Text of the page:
Robust intersection of structured hexahedral meshes and degenerate triangle meshes with volume fraction applications
- 134 Downloads
Two methods for calculating the volume and surface area of the intersection between a triangle mesh and a rectangular hexahedron are presented. The main result is an exact method that calculates the polyhedron of intersection and thereafter the volume and surface area of the fraction of the hexahedral cell inside the mesh. The second method is approximate, and estimates the intersection by a least squares plane. While most previous publications focus on non-degenerate triangle meshes, we here extend the methods to handle geometric degeneracies. In particular, we focus on large-scale triangle overlaps, or double surfaces. It is a geometric degeneracy that can be hard to solve with existing mesh repair algorithms. There could also be situations in which it is desirable to keep the original triangle mesh unmodified. Alternative methods that solve the problem without altering the mesh are therefore presented. This is a step towards a method that calculates the solid area and volume fractions of a degenerate triangle mesh including overlapping triangles, overlapping meshes, hanging nodes, and gaps. Such triangle meshes are common in industrial applications. The methods are validated against three industrial test cases. The validation shows that the exact method handles all addressed geometric degeneracies, including double surfaces, small self-intersections, and split hexahedra.
KeywordsCut-cell Volume fraction Mesh repair Overlapping triangles Split hexahedra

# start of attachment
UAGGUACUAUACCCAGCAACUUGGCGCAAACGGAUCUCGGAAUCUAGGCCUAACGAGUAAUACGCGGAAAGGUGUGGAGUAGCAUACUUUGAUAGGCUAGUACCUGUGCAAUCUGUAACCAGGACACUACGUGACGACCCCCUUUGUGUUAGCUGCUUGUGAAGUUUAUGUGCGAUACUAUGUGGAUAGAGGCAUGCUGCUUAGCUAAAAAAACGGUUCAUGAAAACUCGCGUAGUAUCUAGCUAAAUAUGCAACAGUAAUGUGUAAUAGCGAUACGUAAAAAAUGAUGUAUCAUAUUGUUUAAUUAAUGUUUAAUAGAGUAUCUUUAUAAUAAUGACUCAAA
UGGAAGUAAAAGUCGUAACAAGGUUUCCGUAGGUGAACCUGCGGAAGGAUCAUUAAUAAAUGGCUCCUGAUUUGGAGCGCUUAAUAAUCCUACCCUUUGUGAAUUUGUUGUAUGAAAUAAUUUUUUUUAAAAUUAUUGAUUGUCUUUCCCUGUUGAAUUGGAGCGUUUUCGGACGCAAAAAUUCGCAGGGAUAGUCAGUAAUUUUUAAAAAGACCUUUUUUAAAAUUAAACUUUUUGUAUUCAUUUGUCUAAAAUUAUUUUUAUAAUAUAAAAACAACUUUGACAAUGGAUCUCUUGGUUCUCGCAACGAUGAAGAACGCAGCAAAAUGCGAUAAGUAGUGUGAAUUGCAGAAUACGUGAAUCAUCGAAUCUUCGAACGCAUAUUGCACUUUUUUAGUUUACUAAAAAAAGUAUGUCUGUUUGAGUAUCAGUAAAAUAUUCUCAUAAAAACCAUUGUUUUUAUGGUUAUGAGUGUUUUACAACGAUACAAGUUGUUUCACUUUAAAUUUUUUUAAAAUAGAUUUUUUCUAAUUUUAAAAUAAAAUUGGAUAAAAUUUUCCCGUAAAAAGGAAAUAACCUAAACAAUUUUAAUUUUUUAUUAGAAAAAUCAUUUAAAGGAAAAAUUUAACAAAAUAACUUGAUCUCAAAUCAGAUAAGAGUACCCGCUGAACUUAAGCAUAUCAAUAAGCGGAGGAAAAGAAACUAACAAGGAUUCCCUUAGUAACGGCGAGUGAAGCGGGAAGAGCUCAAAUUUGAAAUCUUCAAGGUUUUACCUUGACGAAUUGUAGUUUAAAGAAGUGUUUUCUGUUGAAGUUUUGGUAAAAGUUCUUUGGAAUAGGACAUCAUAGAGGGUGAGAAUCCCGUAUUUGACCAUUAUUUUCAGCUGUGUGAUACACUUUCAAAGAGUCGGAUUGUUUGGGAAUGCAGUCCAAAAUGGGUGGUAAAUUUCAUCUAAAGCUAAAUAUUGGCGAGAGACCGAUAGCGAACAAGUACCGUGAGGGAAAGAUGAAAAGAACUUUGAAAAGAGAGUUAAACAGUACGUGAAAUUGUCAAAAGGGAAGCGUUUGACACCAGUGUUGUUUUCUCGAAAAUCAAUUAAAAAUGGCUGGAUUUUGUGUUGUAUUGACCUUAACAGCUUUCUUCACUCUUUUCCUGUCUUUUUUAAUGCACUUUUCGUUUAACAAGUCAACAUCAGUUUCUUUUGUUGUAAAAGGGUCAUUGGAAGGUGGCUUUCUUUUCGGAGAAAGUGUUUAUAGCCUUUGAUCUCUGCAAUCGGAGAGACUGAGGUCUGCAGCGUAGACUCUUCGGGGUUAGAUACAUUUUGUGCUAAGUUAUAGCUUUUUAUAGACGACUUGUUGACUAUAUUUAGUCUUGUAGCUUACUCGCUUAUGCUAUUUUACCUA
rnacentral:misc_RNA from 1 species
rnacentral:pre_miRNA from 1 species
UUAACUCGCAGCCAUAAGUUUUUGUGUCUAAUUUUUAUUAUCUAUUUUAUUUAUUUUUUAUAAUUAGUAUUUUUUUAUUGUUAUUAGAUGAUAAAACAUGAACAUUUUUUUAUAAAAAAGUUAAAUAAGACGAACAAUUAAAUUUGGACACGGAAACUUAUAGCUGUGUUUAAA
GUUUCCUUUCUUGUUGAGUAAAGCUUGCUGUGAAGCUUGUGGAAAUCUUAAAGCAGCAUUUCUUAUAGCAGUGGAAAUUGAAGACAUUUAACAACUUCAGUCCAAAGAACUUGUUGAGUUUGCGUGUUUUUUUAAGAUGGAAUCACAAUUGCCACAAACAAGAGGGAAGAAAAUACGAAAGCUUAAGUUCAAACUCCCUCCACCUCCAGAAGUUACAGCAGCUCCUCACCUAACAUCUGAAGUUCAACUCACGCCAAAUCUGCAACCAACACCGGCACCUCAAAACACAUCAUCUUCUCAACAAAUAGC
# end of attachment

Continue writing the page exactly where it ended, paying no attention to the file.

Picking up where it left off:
This work was supported in part by the Swedish Governmental Agency for Innovation Systems, VINNOVA, through the FFI Sustainable Production Technology program, and in part by the Sustainable Production Initiative and the Production Area of Advance at Chalmers University of Technology. The support is gratefully acknowledged.
- 2.Aftosmis, M.J., Berger, M.J., Melton, J.E.: Adaptive Cartesian mesh generation. In: Weatherill, N. P., Soni, B. K., Thompson, J. (eds.) Handbook of Grid Generation, pp 22–1–22-21. CRC Press, Boca Raton (1998)Google Scholar
- 10.Botsch, M., Pauly, M., Kobbelt, L., Alliez, P., Levy, B.: Geometric modeling based on polygonal meshes http://lgg.epfl.ch/publications/2008/botsch_2008_GMPeg.pdf. Accessed 27 March 2016 (2007)
- 12.Ericson, C.: Real-Time Collision Detection. Morgan Kaufmann, Burlington (2004)Google Scholar
- 16.IBOFlow. http://www.iboflow.com. Accessed 27 March 2016
- 18.Liepa, P.: Filling holes in meshes. In: Proceedings of the 2003 Eurographics/ACM SIGGRAPH symposium on geometry processing, pp 200–205 (2003)Google Scholar
- 19.Mark, A., Rundqvist, R., Edelvik, F.: Comparison between different immersed boundary conditions for simulation of complex fluid flows. Fluid Dyn. Mater. Process. 7(3), 241–258 (2011)Google Scholar
- 24.Schirra, S.: Robustness and precision issues in geometric computation. In: Sack, J.-R., Urrutia, J. (eds.) Handbook of Computational Geometry, pp 597–632. Elsevier (1997)Google Scholar
Open AccessThis article is distributed under the terms of the Creative Commons Attribution 4.0 International License (http://creativecommons.org/licenses/by/4.0/), which permits unrestricted use, distribution, and reproduction in any medium, provided you give appropriate credit to the original author(s) and the source, provide a link to the Creative Commons license, and indicate if changes were made.